The apex court began hearing the Sabarimala matter on Monday. The Review Petition in the Sabarimala matter, which was referred to the larger nine-judge bench last year has come to assume a lot of importance as the Supreme Court, as other issues relating to women’s entry to places of worship have been clubbed along with the issue of entry of women in the age group of 10-50 years to the Sabarimala shrine.
While deciding to refer the review petition on the 2018 Sabarimala verdict lifting age restrictions on the entry of women into the Sabarimala shrine to a larger bench, the apex court had observed that it may impinge on the affairs of other religions as well and therefore required a more detailed examination.
The five judge-bench led former CJI, Ranjan Gogoi, which had heard the review petition last year had referred seven questions for the consideration of the larger bench, including the broader question of whether essential religious practices should be afforded Constitutional protection. Other issues that were clubbed together with the Sabarimala matter were Female Genital Mutilation among Dawoodi Bohras, ban on Parsi women married to non-Parsis, from entering the fire temple and entry of Muslim women to Mosques.
The reference to the larger, nine-judge bench has therefore paved the way for a judicial determination on the issue of restriction on entry of Muslim women to Mosques, something that comes as a glimmer of hope for the Muslim women.
However, attempts are being made to get the issue of entry of Muslim women to Mosques excluded from broad reference. Kapil Sibal, representing the All Indian Muslim Personal Board (AIMPLB) argued that the Board maintained that Muslim women were permitted to enter the Mosques for the purpose of offering Namaz. He further argued that the Court should not enter into matters of faith to decide the essential religious practice on a Public Interest Litigation filed by a person who does not belong to a particular faith.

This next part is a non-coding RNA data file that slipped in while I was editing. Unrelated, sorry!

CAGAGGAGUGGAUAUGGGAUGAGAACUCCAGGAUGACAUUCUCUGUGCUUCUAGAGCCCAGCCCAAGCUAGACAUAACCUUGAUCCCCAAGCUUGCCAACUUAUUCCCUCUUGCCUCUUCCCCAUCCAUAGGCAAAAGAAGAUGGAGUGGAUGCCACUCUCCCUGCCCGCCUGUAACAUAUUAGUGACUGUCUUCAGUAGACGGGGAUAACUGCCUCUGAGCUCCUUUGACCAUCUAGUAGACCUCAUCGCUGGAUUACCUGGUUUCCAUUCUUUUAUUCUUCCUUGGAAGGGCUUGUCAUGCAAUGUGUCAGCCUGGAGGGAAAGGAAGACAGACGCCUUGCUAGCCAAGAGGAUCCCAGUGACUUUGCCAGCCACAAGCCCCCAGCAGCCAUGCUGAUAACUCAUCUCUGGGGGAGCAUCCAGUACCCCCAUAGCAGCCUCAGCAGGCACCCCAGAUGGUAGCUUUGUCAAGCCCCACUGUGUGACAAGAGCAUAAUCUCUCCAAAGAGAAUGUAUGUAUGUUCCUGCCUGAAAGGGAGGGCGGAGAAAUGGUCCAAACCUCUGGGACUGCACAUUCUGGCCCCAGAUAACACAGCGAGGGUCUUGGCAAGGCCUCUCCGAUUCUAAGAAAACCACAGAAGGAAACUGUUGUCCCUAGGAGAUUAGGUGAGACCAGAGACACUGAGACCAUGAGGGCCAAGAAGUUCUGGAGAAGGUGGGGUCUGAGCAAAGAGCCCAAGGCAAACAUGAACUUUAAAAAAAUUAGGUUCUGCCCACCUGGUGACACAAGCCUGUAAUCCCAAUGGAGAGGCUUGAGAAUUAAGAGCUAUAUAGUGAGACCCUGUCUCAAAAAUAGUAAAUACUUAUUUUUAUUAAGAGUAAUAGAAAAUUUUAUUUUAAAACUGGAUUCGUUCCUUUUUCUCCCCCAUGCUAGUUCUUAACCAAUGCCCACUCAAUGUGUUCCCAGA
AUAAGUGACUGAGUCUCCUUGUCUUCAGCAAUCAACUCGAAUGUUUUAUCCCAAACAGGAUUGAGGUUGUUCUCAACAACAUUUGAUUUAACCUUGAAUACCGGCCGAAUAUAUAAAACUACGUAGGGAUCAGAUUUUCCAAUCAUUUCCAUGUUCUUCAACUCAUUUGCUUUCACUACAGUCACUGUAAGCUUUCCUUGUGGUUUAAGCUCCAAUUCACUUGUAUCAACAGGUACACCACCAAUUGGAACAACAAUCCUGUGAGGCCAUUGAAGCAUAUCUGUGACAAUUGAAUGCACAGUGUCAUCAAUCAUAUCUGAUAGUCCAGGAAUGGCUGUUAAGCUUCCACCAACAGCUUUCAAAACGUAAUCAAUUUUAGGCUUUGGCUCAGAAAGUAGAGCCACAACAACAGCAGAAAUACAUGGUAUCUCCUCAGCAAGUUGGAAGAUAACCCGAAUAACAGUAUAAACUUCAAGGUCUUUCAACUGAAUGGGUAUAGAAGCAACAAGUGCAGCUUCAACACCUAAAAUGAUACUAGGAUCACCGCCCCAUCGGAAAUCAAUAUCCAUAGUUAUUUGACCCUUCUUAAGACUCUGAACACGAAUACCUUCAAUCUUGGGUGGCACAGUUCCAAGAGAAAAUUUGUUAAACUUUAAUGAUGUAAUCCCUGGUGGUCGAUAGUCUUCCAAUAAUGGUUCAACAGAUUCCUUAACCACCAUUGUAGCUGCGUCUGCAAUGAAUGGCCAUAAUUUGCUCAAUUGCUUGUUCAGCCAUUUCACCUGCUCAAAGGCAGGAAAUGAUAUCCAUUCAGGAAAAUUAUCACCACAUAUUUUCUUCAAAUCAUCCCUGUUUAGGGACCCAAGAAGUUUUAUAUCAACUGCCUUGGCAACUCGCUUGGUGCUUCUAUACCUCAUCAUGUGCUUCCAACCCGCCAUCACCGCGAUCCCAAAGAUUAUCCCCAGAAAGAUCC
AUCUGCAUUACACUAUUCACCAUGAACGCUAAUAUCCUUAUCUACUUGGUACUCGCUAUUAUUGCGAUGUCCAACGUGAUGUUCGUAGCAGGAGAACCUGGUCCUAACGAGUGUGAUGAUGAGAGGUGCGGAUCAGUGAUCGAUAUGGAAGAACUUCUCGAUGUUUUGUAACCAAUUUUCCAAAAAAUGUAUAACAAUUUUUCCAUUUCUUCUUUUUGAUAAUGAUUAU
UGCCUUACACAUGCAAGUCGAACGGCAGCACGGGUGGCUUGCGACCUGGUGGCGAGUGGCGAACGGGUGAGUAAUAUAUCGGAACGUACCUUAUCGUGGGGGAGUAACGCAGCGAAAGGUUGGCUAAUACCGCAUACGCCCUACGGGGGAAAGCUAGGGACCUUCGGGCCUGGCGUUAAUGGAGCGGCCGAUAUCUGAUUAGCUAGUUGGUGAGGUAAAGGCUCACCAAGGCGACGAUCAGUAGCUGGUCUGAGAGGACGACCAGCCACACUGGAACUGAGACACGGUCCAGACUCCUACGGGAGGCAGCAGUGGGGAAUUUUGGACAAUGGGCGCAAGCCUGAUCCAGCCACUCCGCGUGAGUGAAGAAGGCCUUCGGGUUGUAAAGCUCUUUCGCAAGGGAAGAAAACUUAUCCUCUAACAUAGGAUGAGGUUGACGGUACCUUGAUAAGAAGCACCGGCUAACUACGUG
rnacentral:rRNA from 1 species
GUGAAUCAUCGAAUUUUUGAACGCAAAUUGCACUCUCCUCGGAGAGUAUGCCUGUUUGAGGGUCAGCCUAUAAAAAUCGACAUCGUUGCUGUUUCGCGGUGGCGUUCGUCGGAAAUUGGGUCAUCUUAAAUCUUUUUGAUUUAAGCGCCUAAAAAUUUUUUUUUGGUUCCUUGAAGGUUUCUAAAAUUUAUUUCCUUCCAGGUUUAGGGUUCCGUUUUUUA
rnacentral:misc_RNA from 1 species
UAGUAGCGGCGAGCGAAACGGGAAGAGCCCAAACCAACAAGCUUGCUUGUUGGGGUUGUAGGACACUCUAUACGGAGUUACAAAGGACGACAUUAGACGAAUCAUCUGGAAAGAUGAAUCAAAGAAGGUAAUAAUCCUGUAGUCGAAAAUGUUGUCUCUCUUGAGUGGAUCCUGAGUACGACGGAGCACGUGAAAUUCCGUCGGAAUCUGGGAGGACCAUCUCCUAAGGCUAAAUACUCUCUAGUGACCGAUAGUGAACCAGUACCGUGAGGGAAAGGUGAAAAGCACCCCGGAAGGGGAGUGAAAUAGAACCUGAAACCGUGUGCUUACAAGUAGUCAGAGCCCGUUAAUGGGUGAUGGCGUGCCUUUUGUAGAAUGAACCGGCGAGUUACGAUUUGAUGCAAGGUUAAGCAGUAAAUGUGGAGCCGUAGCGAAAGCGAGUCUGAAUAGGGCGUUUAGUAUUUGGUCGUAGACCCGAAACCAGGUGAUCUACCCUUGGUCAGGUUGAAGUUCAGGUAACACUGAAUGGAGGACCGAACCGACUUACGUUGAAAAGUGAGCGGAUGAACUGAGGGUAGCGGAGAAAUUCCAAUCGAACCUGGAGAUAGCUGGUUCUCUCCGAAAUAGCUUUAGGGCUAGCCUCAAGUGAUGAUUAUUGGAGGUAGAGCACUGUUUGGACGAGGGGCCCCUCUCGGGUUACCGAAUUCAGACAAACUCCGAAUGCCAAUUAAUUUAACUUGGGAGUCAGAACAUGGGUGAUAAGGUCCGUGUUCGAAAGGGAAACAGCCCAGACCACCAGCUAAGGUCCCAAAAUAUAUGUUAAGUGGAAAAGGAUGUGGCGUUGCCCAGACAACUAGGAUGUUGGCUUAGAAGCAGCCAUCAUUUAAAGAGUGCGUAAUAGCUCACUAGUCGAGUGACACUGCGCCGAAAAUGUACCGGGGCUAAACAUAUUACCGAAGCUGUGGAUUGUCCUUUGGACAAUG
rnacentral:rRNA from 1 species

By arguing that the Board has maintained that Muslim women are allowed to enter Mosques to offer Namaz, Sibal is essentially adverting to the affidavit that has been filed by the AIMPLB in this matter.
The affidavit read, “Considering the religious texts, doctrine and religious belief of the followers of Islam, it is submitted that entry of women in the Mosque for offering prayer/ Namaz, inside the Mosque, is permitted. Thus, a Muslim woman is free to enter Masjid for prayers. It is her option to exercise her right to avail such facilities as available for prayers in Masjid.”
However, in the same affidavit, the Board has also made it clear that the religious practices in individual Mosques are governed by private bodies concerning its Muttawalis. The Board has admitted that its status is only that of an expert body, and as such its opinion is only advisory in nature.
As such, the opinion of the AIMPLB cannot be taken to suggest that Muslim women are in reality allowed to enter and offer Namaz at Mosques. At best, it can only be material to argue why Muslim women should be allowed to enter Mosques.
It is common knowledge that barring Muslim women from entering Mosques and offering Namaz is a centuries-old practice. In such circumstances, the present reference to the nine-Judge Supreme Court bench, in its broad terms, comes as a glimmer of hope for Muslim women.
However, AIMPLB, represented by Kapil Sibal, seem to be making all possible attempts to ensure that the issue of women entering Mosques is excluded from the larger question of entry of women into places of worship being considered by the Supreme Court.
Presently, the Supreme Court has decided to frame as a separate “issue”, the question whether the top Court could have referred a larger question to the nine-judge bench while hearing the Sabarimala review petition.
If the Court decides in the affirmative, then the question of entry of women into Mosques will be considered and decided. But the vehement opposition to the issue of women’s entry to Mosques being considered shows how all possible attempts are being made to ensure that Muslim women are not allowed to get rid of this gender-discriminatory practice.